DALLAS — Emergency crews were searching for four men Monday whose recreational vehicle was among those swept away from an RV park by floodwaters in a small West Texas city, prompting dramatic rescues by helicopters and boats.
Heavy rains started falling Sunday night, causing the South Llano River to rise in Junction, about 140 miles (225 kilometers) west of Austin. Kimble County Sheriff Hilario Cantu said no fatalities have been confirmed but that "all the RVs, everything, got swept away."
Texas Game Warden Rachel Kellner said the four missing men worked together and were swept away before daybreak by the South Llano River. The city is located near where North Llano River and South Llano River converge to form the Llano River.
Authorities said 19 people were rescued — 15 by boat and four by helicopter. Kellner said two of the people rescued by air were in a tree with a family dog.
Kellner said all those rescued have been checked out by medical emergency personnel, but it's unclear if any required hospitalization.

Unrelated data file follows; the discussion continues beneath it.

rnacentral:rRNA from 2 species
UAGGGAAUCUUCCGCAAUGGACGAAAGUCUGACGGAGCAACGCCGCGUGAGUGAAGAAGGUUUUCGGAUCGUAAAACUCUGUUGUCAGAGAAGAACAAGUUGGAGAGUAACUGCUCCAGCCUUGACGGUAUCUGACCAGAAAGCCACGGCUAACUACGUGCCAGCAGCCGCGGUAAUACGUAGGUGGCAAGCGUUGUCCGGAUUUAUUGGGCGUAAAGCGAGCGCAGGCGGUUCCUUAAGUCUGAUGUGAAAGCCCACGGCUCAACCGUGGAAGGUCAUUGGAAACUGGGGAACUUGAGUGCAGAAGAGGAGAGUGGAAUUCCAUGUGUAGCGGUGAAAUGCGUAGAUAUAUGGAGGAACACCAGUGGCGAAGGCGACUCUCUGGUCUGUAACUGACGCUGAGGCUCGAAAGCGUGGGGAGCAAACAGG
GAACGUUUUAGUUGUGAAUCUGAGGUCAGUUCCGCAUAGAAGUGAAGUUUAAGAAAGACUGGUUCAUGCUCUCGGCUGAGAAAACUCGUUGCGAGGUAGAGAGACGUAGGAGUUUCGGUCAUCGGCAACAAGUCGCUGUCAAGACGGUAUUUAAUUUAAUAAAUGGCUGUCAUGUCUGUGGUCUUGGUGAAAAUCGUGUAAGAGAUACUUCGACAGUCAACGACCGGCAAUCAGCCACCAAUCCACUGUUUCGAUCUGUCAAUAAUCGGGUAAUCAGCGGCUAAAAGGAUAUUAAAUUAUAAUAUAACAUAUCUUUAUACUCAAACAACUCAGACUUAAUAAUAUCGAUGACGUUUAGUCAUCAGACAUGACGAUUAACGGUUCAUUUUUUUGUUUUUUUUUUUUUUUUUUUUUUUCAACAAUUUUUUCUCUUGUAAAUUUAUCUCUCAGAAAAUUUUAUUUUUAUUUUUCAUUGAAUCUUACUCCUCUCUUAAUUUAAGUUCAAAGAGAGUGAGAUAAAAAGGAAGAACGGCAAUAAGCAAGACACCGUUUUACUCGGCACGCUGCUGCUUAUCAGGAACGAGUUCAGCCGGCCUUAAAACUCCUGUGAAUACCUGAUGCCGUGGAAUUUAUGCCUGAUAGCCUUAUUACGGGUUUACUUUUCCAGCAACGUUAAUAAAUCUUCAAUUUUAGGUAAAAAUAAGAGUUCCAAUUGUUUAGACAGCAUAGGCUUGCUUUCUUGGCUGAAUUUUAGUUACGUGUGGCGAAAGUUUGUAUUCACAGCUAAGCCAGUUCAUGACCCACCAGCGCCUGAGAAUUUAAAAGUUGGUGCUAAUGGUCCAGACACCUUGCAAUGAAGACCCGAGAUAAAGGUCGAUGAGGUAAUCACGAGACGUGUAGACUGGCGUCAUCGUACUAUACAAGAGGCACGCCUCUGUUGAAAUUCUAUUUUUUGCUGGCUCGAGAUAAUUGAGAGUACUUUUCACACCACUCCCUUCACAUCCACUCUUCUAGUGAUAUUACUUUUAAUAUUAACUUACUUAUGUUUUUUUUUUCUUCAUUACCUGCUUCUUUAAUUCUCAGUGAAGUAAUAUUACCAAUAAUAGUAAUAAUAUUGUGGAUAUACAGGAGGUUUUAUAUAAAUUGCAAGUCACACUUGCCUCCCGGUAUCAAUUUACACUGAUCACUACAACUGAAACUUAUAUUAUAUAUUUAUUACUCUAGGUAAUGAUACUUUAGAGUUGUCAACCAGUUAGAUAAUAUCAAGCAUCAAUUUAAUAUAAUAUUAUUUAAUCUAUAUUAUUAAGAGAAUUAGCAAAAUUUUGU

Authorities said 40 people had been evacuated from the South Llano RV Park.
Cantu said state and local agencies were helping with the rescues. Authorities said the city of about 2,500 people had been without electricity earlier, but it's been restored.
National Weather Service meteorologist Aaron Woodward said radar estimates show that up to 12 inches of rain has fallen in the area since Sunday evening.
"The bulk of the heavy rain fell over a several-hour period and it just lined up perfectly that all that fell into that river canyon and it built up and pushed a giant wall downstream," Woodward said. "That's what caused the extreme flash flooding. When you get that quick of a wall to rush down and you get that rapid of a rise in river depths, flash flooding is imminent."
The river has gone down, but it is expected to rise again later. More rain is expected in the area late Monday night and into the overnight hours.
Cantu said that while they know the four are missing from the RV park, there's a possibility that other campers they don't know about are missing. Cantu said the RV park is adjacent to a city park where people can stay overnight but it's not regulated so he doesn't know how many people might have been there.
"The problem with the RV park, as far as getting accounting of people and getting information, the main office was also swept away," he said. "So whatever records they had there are not accessible."